Thursday, January 16, 2014

Bailey’s Cypress

Callitris baileyi

 This rather special plant was photographed on private property at Geham. You can see what a pretty feature plant it would be, especially in rather formal gardens.


Bailey’s cypress can be distinguished from our other local cypress species by the triangular look of its branchlets (which are also thicker than those of other local species).

At first glance, the photo seems to be showing you some little green branchlets, but with a close and careful look you can see that everything green  is actually leaf. The tiny, narrow leaves grow in whorls of three and lie tight against the branches, where their ridged keels produce the attractive pattern that you see here.

Seed is ripening on our local plants this week, offering us a rather brief opportunity to collect it for propagation. The capsules lose their seed fairly quickly, so they need to be collected whole, just as some of the capsules in a group are beginning to open. They should be kept in a warm dry place until they all open and shed their seeds, which should be planted while very fresh.
(If you're doing this, don't forget the ethics of seed collecting. Nature needs its seeds, so no more than 10% should ever be collected from any wild plant population. Also remember that it's against the law to collect it from National Parks and Conservation reserves.)


The natural range of this rare plant is a fairly narrow strip along the Great Dividing Range from the Bunya Mountains It is classified as "near threatened", as term which indicates that, without intervention, the population is destined to decline. Its  habitat is growing increasingly fragmented and it’s not easy to find plants in the wild any more. Some infill planting on private property would help to build up a healthy local population.

It is important, with young native cypresses, to go easy on the tip pruning. There is no need to prune them at all, and a plant that is provoked into forming multiple trunks is never as sturdy as a single-trunked specimen. The lesser trunks tend to fall away as the plant approaches mature size, spoiling the lovely symmetry of the canopy.

This young plant, on the Polzin Road side of the Charles and Motee Bushland Reserve at Highfields was planted a few years ago.  What excellent native Christmas trees these would make, if planted in gardens or in large tubs.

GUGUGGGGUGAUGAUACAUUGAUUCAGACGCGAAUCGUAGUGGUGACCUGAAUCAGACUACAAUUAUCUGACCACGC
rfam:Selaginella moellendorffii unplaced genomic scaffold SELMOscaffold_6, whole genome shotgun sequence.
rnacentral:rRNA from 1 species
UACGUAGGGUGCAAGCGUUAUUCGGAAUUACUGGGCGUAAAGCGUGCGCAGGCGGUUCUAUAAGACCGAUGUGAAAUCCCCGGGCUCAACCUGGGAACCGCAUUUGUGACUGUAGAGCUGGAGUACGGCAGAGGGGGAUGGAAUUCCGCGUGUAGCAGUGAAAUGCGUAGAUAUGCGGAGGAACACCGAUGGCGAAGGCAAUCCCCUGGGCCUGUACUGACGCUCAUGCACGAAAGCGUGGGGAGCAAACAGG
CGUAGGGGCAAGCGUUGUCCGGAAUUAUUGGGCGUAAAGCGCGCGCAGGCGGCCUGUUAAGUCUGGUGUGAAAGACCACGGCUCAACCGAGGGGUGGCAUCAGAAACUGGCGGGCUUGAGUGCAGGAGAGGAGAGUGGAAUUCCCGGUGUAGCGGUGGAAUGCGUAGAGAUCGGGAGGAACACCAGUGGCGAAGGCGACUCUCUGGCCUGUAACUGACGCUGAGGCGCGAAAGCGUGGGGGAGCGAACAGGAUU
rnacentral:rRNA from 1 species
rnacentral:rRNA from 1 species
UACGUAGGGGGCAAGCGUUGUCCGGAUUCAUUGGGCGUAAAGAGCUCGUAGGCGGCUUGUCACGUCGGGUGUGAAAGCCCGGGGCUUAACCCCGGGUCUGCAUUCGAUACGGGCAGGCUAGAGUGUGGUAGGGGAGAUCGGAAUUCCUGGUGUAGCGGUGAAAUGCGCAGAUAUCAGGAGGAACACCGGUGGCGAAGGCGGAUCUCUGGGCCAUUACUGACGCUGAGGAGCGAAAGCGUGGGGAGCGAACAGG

This one grows on the road reserve on the corner of Reis Road and the New England Highway at Highfields. It is known to have been planted in 1880. is the smallest of our local native Cypresses. You can see that even a plant 130 years old is still beautiful, and able to function as an effective screen plant or (with trimming of the trunk) a shade tree. Even at this age, it would not have outgrown a well-chosen garden situation.
This is one of the plants that have evolved to survive a climate where bushfires are frequent, not by being fire resistant (they burn like torches!) but by producing seeds that love to grow in the ashes after a fire has gone by. Bushfires are followed by a population explosion. The gradual removal of fire from much of this plant's range may explain its decline in the wild. Take, care, though. This is not a good one to plant near the house anywhere that bushfires are a concern. (Just to keep our sense of proportion, this caution applies to all cypresses and most other conifers, of both native and introduced species.)
Bailey's cypress grow best  where they have sun for all or most of the day. They tolerate saline soil, and are very drought tolerant once established.


Jodie said...
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Anonymous said...

Hi Patricia - I found a Bailey's Pine yesterday in the State Forest over near Yarraman. I'd been looking for a while actually. A nice little tree. Peter

Patricia Gardner said...

Hi Peter.
Nice to hear from you. And it's great to hear that Bailey's cypress is growing there. It would be interesting to know where the seed came from.
I think there's a good chance that this plant will re-establish itself in some of its original range, as seed finds its way into areas which are now being conserved. Finds like yours are encouraging for those of us who grow rare plants in the hope of helping our damaged environment to recover a little.
And yes, they are pretty little trees from infancy, which makes them such good garden specimens.